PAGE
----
Repercussion’s Shakespeare- in- the- park production of Twelfth Night is pleasing audiences on many fronts. This echoes its subtitle, What You Will.

Here’s what you get in this theatrical smorgasbord, take your pick (or all).

IMAGINATIVE DIRECTING from newly appointed director AMANDA KELLOCK who succeeded the wonderful Paul Hopkins, who retired from Repercussion after an eight year run.

CLEVER PLOT from the bard, involving twins and mistaken identities. Shakespeare himself fathered twins–Judith and Hamnet–in 1585 and incorporated two sets of fraternal twins in his 1594 “A Comedy of Errors” and the one set of fraternal twins in the 1601 Twelfth Night.

GREAT QUOTES as in all of Willy’s plays, here, for example, The lovesick duke Orsino orders his musician “If Music Be the Food of Love, Play On…”

The hedonistic Toby Belch admonishes the uptight Malvolio “Dost Thou think, because Thou art virtuous, there shall be no more cakes and ale ?”.

The same Malvolio, aiming for advancement, revels in the thought that “Some are born great, some achieve greatness and some have greatness thrust upon them”.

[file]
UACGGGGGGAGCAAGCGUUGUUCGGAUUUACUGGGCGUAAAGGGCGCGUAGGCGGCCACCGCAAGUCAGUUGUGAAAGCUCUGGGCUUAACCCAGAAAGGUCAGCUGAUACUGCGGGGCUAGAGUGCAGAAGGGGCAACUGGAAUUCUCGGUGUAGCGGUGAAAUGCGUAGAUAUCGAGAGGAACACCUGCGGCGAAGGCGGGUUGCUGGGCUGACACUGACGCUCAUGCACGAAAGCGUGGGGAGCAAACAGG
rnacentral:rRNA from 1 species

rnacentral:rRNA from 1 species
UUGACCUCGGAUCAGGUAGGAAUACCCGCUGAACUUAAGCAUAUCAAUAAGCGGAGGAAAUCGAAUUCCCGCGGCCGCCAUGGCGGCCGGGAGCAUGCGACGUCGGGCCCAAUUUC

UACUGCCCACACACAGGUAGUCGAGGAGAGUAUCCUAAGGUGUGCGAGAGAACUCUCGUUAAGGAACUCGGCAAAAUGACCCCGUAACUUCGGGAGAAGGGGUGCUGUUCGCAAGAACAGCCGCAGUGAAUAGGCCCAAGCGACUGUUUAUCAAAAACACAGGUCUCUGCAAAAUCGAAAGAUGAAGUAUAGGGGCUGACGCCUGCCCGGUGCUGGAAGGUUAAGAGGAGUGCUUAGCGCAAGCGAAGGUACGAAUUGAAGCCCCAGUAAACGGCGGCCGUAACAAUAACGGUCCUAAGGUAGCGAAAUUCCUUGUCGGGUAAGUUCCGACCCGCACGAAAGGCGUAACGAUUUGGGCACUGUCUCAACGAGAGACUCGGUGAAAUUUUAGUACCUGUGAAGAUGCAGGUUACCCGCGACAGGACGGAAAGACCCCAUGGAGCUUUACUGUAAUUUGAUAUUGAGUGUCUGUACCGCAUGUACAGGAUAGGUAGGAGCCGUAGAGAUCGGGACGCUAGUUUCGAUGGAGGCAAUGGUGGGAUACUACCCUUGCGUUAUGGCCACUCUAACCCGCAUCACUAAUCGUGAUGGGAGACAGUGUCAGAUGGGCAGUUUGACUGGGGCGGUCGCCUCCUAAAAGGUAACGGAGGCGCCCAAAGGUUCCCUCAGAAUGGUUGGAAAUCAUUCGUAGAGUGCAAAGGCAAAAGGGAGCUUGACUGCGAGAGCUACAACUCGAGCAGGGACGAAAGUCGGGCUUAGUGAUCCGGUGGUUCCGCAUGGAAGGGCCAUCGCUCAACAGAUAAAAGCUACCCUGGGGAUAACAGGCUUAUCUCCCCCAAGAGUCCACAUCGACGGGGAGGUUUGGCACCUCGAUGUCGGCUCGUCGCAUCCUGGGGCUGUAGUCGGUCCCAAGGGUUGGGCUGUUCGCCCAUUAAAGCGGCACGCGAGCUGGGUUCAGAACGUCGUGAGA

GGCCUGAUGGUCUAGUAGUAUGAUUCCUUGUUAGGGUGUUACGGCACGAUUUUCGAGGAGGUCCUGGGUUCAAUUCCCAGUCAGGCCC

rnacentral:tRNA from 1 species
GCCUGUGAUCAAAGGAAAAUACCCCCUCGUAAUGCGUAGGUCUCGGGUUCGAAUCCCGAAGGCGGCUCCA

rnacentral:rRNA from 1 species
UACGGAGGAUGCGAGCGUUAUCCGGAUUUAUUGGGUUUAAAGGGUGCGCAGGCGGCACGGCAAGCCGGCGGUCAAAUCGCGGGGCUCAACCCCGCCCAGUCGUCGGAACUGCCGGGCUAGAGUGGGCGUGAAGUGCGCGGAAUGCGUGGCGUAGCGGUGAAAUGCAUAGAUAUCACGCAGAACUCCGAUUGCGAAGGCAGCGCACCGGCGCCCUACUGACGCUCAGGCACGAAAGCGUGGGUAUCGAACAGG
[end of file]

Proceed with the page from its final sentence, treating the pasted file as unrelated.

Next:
The twittish Andrew Aguecheek  admits that “ I am a great eater of beef, and believe that does harm to my wit”.

DYNAMIC ACTORS All ten of them.

The love interests, who are tumbled by mistaken identities are well portrayed by EMILIA R HELLMAN as twin Viola (disguised as Cesario) and twin JESSE NERENBERG as Sebastian, each thinking  the other drowned and  MIKE PAYETTE as Orsino and RACHEL MUTOMBO as Lady Olivia, the object of his desires.

The comic  characters add rich humour with PAUL RAINVILLE as the uptight Malvolio, feuding with the party guys, MATTHEW KABWE as Sir Toby Belch and ADAM CAPRIOLA  as his sidekick Sir Andrew Aguecheek.,all three somewhat manipulated by LETITIA BROOKES as Olivia`s maid, Marie.

MAGICAL MUSICAL INTERLUDES capped off by the ending with The Wind And the Rain as performed by GITANJALI  JAIN as the fool/musician, Feste. Ms. Jain also composed “Come Away, Death” and “Oh Mistress Mine” The total effect, even without fairies or donkey heads, is suitable for a rich July eve as Olivia  refers to “this very midsummer madness”.

Oh yes, you also get a comic dance, some sword fighting and three marriages, so All`s Well That Ends Well…but that`s another play.

Twelfth Night plays at various parks throughout July, ending at Westmount Park on July 25 and 26. 514-916-PARK or


Feature photo credit: Valerie Baron

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